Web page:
That works! As it so happens, there is a conversion from std::pair<T&,U&> to std::pair<T,U> — but there’s a catch: it only works if T and U are copyable! And even when they’re not, it’s clear that copying is not the behavior one would expect when using *it to initialize a const reference. If T or U is expensive to copy, you’re not going to get the performance or the behavior you expect, and if it’s unique_ptr it’s not going to compile at all. 🙁

Requiring that an iterator’s reference type be convertible to const ValueType<I>& is over-constraining. But then what useful thing can we say about the relationship between these two types?

2. Algorithm Constraints

All the algorithm signatures in the Palo Alto TR use ValueType in the concept checks in order to constrain the templates. For example, here’s the constrained signature of for_each:

template<InputIterator I, Semiregular F>
    requires Function<F, ValueType<I>>
F for_each(I first, I last, F f);

If you’re not familiar with C++ concepts, what lines 1 and 2 say is: first and last must satisfy the requirements of the InputIterator concept, F must be Semiregular (I’ll gloss over this bit), and it must be callable with one argument of the iterator’s value type.

Now imagine code like this:

// As before, v1 and v2 are vectors of ints:
auto z = view::zip( v1, v2 );
// Let Ref be the zip iterator's reference type:
using Ref = decltype(*z.begin());
// Use for_each to increment all the ints:
for_each( z.begin(), z.end(), [](Ref r) {
    ++r.first;
    ++r.second;
});

This seems perfectly reasonable. The lambda accepts an object of the zip view’s reference type, which is a pair<int&,int&>, and then it increments both first and second members. But this doesn’t type-check. Why?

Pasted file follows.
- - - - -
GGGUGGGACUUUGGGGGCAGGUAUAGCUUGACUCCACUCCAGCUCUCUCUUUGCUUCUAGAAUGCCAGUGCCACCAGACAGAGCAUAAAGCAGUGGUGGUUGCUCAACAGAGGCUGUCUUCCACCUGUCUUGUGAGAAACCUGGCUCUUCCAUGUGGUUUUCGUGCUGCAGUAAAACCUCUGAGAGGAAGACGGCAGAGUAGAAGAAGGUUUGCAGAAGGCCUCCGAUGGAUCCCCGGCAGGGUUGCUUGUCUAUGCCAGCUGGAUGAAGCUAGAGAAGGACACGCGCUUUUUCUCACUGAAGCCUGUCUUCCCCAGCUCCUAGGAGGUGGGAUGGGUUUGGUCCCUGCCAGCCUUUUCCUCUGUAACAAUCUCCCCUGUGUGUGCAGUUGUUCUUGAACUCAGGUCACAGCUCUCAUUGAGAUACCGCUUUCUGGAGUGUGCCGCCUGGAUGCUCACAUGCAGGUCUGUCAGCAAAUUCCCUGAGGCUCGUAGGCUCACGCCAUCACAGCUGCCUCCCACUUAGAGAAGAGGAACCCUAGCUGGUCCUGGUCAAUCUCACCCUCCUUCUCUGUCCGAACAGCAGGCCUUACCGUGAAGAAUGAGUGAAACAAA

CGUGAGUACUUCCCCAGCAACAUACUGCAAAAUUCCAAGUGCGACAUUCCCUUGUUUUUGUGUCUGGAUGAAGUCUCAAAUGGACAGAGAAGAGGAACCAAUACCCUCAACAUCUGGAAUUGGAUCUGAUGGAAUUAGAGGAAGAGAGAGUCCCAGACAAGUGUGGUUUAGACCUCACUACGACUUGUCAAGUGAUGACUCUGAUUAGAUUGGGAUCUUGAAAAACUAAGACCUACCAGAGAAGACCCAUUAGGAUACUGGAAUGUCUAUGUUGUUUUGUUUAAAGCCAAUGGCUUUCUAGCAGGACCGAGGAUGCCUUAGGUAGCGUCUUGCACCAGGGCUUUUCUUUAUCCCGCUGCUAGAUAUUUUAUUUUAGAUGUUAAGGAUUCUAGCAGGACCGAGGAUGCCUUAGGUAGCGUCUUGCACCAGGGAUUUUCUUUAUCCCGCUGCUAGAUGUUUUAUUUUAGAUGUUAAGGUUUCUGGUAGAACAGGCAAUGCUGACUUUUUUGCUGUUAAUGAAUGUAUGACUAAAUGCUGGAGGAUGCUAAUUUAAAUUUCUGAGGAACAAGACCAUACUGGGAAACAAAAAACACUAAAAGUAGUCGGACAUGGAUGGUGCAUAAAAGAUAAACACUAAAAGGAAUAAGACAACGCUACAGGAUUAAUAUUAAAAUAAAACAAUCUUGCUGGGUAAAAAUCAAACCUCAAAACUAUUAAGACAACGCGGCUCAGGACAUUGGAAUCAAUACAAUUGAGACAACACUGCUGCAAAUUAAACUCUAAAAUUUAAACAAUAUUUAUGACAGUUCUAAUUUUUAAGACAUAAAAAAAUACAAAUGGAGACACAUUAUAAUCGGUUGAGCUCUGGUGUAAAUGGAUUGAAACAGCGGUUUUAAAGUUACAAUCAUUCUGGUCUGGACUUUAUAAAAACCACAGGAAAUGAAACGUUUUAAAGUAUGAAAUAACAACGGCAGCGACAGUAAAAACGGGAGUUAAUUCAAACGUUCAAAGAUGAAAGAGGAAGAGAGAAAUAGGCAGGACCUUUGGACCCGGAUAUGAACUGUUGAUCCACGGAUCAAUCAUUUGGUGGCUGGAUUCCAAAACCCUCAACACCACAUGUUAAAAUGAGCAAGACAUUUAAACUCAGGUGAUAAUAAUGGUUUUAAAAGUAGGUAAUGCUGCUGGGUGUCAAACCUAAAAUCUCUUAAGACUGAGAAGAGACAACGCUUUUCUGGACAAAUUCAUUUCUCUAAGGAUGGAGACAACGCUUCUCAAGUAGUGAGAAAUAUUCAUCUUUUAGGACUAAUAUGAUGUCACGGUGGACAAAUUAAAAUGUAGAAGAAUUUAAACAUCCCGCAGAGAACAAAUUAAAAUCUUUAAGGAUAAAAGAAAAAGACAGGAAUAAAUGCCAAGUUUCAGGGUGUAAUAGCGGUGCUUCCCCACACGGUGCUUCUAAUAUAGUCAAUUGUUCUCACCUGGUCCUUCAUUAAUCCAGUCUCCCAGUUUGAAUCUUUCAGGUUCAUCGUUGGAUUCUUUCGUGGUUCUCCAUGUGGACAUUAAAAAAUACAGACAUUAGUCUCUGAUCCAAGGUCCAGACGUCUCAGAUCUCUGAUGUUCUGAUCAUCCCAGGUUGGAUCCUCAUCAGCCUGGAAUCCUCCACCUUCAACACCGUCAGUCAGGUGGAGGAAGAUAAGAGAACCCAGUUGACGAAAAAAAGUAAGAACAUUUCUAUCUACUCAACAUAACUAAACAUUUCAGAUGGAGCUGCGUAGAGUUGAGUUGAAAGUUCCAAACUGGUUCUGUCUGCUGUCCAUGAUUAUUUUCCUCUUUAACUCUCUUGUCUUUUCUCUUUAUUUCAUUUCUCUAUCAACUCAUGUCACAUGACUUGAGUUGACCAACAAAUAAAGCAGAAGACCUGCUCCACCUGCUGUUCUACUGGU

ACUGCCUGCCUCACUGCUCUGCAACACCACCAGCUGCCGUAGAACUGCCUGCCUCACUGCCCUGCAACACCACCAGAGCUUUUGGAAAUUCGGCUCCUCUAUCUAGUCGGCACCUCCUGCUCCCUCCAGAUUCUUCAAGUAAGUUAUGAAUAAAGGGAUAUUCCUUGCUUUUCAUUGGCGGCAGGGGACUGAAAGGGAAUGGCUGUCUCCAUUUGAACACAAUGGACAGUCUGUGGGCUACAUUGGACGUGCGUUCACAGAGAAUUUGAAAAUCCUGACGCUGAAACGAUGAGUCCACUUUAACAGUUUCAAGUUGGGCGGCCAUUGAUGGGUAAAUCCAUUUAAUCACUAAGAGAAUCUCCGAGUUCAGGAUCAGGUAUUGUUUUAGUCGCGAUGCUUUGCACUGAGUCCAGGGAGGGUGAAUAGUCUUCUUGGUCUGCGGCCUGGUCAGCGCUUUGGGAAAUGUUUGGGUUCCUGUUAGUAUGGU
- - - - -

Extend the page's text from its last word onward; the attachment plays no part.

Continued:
Remember the concept check: Function<F, ValueType<I>>. The function we pass to for_each must be callable with an object of the iterator’s value type. In this case, the value type is pair<int,int>. There is no conversion from that to the type the function expects, which is pair<int&,int&>. Bummer.

If we change the lambda to take a pair<int,int>&, then the concept check passes, but the template will fail to instantiate correctly. It’s easy to see why when you look at a typical for_each implementation:

template<InputIterator I, Semiregular F>
requires Function<F, ValueType<I>>
F for_each(I first, I last, F f) {
    for(; first != last; ++first)
        f(*first);
    return f;
}

The lambda is called with *first which has type pair<int&,int&>, but that doesn’t convert to pair<int,int>&. Gah!!!

The most galling bit is that the code we wrote above — the code with the lambda that takes the reference type — works just fine if we simply delete the requires Function<F, ValueType<I>> constraint. Clearly something is wrong with the constraints, the concepts, or our expectations.

I should add that the problem is not specific to the zip view. Any sequence with a proxy reference type has this problem, vector<bool> included. If we just slap these constraints on the existing algorithms, some code that works today will break, and the only “fix” would be to stop using the standard algorithms. 🙁

3. Permutability of Move-Only Types

Unfortunately, the problems don’t end there. The sort algorithm requires a sequence to be permutable; that is, you should be able to shuffle its elements around. And since it should support move-only types, that means that the sequence’s iterators should be indirectly-movable. The Palo Alto TR has this to say about it:

The IndirectlyMovable and IndirectlyCopyable concepts describe copy and move relationships between the values of an input iterator, I, and an output iterator Out. For an output iterator out and an input iterator in, their syntactic requirements expand to:

  • IndirectlyMovable requires *out = move(*in)

But what if *in returns a proxy? Then move(*in) is moving the proxy, not the object to which the proxy refers. In the case of sorting a zip view, we’re trying to move a (temporary) pair<T&,U&> into a pair<T&,U&>. As with issue (1), that won’t work at all for move-only types. But you would probably fail before that, at the sort requires clause, because of issue (2). Sheesh!

Summary, For Now…

Even though the Palo Alto TR lifts the over-constraining requirement that ForwardIterators return real references, the proxy iterator problem remains. On the one hand, it says that proxy iterators are OK. On the other hand, some interesting proxy iterators fail to model the Iterator concept or satisfy the algorithm constraints, and those that do don’t have the right semantics or performance characteristics. What are our options?